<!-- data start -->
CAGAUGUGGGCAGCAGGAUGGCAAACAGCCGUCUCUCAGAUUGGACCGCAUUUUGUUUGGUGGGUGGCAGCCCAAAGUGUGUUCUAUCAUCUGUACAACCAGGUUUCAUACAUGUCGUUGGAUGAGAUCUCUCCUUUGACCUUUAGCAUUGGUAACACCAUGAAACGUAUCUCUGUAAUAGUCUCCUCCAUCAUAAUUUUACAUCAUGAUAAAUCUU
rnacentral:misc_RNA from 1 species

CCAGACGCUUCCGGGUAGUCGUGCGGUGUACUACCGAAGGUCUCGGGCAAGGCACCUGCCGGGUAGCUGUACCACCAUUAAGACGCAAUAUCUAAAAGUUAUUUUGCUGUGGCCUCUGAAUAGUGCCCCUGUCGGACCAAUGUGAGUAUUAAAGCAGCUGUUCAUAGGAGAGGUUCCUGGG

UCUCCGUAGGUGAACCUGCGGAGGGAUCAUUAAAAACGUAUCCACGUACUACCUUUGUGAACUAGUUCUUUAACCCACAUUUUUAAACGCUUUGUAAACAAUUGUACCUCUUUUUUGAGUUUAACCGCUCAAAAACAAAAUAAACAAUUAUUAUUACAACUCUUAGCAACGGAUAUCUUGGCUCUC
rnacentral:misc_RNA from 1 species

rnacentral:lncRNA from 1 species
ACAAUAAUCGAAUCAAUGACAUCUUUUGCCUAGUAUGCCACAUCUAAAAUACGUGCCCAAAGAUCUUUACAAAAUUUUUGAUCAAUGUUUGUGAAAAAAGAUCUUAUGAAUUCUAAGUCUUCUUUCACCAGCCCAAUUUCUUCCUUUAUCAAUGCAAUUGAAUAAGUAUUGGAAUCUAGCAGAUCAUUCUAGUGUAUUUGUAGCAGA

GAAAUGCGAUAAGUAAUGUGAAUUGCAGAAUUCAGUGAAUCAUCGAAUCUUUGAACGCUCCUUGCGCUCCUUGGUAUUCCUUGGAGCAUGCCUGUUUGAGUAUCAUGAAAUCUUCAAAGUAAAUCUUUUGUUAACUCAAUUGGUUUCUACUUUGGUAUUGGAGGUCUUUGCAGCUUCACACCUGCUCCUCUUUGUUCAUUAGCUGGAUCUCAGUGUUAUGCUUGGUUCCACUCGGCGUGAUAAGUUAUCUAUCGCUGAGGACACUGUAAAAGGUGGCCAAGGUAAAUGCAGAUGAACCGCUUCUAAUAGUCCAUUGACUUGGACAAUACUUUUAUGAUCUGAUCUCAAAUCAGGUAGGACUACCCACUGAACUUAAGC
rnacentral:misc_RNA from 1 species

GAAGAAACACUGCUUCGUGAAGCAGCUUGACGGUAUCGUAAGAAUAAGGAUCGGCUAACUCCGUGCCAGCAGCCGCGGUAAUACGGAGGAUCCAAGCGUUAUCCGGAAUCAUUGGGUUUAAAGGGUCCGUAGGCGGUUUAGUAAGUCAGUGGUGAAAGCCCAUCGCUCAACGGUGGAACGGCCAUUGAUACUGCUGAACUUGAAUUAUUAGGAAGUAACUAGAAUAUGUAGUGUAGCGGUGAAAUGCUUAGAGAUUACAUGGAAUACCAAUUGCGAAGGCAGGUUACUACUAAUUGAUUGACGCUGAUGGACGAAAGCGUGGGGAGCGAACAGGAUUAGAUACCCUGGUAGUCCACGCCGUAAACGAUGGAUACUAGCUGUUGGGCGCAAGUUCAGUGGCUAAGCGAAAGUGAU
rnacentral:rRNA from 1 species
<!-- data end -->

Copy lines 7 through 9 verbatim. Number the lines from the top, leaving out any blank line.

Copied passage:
ACAAUAAUCGAAUCAAUGACAUCUUUUGCCUAGUAUGCCACAUCUAAAAUACGUGCCCAAAGAUCUUUACAAAAUUUUUGAUCAAUGUUUGUGAAAAAAGAUCUUAUGAAUUCUAAGUCUUCUUUCACCAGCCCAAUUUCUUCCUUUAUCAAUGCAAUUGAAUAAGUAUUGGAAUCUAGCAGAUCAUUCUAGUGUAUUUGUAGCAGA

GAAAUGCGAUAAGUAAUGUGAAUUGCAGAAUUCAGUGAAUCAUCGAAUCUUUGAACGCUCCUUGCGCUCCUUGGUAUUCCUUGGAGCAUGCCUGUUUGAGUAUCAUGAAAUCUUCAAAGUAAAUCUUUUGUUAACUCAAUUGGUUUCUACUUUGGUAUUGGAGGUCUUUGCAGCUUCACACCUGCUCCUCUUUGUUCAUUAGCUGGAUCUCAGUGUUAUGCUUGGUUCCACUCGGCGUGAUAAGUUAUCUAUCGCUGAGGACACUGUAAAAGGUGGCCAAGGUAAAUGCAGAUGAACCGCUUCUAAUAGUCCAUUGACUUGGACAAUACUUUUAUGAUCUGAUCUCAAAUCAGGUAGGACUACCCACUGAACUUAAGC
rnacentral:misc_RNA from 1 species